Concentration camp victim's painting

Contributed by Libby Ainley

Concentration camp victim's  painting

Johanna Rose Neumark, ( known as Anni and born 1871) a German Jewish dentist, inherited control of the Bremen-based Leuwer Publishing house in 1916, when her husband died.
During the Nazi period she lost the business and her home, and was arrested and transported to Theresienstadt by the 1942 . She died in that concentration camp a year later.
Her son, Franz, who later renamed himself Frank Lynder, had escaped to England in 1936. During the war he joined the British army and distinguished himself in Bomb Disposal and in the Special Operations Executive. He had tried in vain to persuade his mother to escape to Britain, but she was adamant:
"An old tree is hard to transplant. No matter what happens, they won't do anything to an old lady like me."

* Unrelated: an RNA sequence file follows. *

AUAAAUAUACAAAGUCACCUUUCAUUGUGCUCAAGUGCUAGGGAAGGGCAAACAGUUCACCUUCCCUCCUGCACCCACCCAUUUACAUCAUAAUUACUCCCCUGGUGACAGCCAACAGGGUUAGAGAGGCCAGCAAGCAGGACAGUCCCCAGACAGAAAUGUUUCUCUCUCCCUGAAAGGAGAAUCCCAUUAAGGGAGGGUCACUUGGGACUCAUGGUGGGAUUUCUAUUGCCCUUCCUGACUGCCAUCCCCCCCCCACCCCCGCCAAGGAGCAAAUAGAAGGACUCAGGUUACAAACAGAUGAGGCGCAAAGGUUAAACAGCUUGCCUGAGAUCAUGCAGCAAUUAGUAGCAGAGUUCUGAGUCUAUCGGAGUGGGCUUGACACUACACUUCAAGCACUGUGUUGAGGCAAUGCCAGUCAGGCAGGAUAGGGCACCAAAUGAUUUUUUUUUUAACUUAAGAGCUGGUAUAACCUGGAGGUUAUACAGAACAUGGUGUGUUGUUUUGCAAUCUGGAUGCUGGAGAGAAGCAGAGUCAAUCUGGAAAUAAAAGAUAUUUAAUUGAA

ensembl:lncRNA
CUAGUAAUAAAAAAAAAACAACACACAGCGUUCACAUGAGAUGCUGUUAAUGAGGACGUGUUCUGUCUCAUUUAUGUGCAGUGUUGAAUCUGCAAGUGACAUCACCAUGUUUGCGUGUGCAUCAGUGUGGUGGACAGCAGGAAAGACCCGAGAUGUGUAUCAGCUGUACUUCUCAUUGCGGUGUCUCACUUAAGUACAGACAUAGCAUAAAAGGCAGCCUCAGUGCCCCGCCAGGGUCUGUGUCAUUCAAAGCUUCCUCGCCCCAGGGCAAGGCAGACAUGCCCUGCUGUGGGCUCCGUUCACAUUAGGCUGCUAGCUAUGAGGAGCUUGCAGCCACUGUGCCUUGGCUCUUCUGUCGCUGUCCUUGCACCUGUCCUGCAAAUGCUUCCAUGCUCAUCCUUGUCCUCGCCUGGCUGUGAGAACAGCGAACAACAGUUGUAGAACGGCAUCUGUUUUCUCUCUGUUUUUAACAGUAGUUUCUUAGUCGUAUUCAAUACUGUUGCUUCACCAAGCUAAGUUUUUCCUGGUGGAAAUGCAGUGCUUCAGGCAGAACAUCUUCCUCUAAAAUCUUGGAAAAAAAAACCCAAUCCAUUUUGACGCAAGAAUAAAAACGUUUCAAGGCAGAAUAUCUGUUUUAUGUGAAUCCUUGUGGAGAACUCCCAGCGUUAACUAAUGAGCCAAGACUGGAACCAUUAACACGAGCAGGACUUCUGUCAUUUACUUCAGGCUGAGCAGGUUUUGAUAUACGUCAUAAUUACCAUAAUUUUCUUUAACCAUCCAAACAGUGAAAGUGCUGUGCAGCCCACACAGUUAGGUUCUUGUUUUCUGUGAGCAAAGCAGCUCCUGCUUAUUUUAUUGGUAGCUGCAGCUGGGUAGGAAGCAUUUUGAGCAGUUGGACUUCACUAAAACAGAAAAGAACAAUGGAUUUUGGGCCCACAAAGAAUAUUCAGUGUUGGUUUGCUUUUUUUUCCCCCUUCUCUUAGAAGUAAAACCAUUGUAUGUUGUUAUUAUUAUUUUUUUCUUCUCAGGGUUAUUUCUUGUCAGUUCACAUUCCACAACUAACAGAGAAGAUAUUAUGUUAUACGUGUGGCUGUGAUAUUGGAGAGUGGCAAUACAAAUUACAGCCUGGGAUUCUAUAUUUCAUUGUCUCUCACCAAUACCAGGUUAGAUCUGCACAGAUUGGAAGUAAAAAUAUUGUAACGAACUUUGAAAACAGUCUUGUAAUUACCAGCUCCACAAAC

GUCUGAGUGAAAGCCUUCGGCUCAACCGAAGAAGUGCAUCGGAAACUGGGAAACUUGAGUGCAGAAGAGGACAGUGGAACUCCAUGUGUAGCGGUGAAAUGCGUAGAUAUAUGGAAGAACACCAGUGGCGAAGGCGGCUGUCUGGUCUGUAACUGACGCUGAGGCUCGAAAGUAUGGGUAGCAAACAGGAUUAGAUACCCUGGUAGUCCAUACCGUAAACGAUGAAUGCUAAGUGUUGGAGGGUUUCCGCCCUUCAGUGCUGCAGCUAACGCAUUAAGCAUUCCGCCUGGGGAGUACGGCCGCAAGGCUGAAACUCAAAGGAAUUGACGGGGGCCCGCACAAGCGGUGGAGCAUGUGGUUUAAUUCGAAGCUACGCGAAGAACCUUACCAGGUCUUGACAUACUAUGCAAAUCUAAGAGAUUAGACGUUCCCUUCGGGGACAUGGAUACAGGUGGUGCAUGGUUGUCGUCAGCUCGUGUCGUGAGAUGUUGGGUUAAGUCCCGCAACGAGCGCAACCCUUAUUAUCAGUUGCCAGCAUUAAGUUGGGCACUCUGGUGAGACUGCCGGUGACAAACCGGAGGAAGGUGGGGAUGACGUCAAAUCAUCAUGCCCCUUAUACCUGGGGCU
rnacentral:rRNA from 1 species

After the war Frank Lynder (my father) returned to Bremen. His mother's neighbours had rushed in just before she was arrested and grabbed the oil painting which was hanging in the hall. They returned the painting to him.
Frank Lynder did not regain control of the family business, home or possessions, but by returning the oil painting his mother's neighbours revealed that some Germans wanted to make reparations.

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  • 1 comment
  • 1. At 22:10 on 30 July 2012, ashfish47 wrote:

    Most interesting. My Great Grandfather was Bernard Neumark from Wittmund and one of his brothers was Moritz Neumark who was an industrialist, also sent to Theresienstadt where he died of heart failure [no tablets]. Bernard married Johanna and they came to England in 1893, lived in London and are buried in Willesden Jewish Cemetery. It is the same family, but just another branch. The painting is so beautiful and how wonderful to have it returned to the family.

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Germany, probably Bremen


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